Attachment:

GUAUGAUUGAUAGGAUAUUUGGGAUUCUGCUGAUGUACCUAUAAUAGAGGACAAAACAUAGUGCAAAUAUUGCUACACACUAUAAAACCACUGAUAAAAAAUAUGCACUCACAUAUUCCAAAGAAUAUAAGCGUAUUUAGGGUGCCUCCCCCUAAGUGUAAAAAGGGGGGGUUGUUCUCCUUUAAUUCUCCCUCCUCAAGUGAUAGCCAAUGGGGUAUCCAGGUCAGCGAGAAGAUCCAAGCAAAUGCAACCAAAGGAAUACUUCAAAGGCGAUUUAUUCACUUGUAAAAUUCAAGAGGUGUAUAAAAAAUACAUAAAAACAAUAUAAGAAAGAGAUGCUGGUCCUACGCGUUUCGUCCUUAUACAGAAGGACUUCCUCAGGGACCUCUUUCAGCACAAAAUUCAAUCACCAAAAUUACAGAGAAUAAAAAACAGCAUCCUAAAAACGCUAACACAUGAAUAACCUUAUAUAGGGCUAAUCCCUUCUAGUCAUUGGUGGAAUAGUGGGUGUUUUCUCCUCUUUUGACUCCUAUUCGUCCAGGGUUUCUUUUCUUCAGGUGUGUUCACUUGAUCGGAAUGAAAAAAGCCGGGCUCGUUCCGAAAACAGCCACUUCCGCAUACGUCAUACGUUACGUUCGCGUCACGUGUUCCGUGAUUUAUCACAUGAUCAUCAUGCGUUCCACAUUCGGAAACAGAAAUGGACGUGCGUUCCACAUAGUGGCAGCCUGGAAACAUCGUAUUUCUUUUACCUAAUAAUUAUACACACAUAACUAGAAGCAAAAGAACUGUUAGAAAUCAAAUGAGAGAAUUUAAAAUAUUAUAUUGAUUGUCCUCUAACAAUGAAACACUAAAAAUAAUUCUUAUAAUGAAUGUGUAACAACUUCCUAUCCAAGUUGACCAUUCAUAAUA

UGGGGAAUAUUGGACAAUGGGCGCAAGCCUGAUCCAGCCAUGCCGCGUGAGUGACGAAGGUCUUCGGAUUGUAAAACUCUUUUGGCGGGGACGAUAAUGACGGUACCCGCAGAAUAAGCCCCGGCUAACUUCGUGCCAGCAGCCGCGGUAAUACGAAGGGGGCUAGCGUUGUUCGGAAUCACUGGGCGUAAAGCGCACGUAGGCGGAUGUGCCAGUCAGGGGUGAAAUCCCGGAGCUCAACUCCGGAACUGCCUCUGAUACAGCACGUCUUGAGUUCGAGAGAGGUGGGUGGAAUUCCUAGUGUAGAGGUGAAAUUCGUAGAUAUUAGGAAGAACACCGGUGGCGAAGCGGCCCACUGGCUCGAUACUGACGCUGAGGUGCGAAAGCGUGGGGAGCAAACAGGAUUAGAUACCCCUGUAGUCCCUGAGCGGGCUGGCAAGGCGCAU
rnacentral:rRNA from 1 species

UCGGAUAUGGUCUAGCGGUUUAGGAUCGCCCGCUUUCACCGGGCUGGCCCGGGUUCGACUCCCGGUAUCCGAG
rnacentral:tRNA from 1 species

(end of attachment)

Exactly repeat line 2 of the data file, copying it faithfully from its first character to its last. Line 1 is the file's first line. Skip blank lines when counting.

UGGGGAAUAUUGGACAAUGGGCGCAAGCCUGAUCCAGCCAUGCCGCGUGAGUGACGAAGGUCUUCGGAUUGUAAAACUCUUUUGGCGGGGACGAUAAUGACGGUACCCGCAGAAUAAGCCCCGGCUAACUUCGUGCCAGCAGCCGCGGUAAUACGAAGGGGGCUAGCGUUGUUCGGAAUCACUGGGCGUAAAGCGCACGUAGGCGGAUGUGCCAGUCAGGGGUGAAAUCCCGGAGCUCAACUCCGGAACUGCCUCUGAUACAGCACGUCUUGAGUUCGAGAGAGGUGGGUGGAAUUCCUAGUGUAGAGGUGAAAUUCGUAGAUAUUAGGAAGAACACCGGUGGCGAAGCGGCCCACUGGCUCGAUACUGACGCUGAGGUGCGAAAGCGUGGGGAGCAAACAGGAUUAGAUACCCCUGUAGUCCCUGAGCGGGCUGGCAAGGCGCAU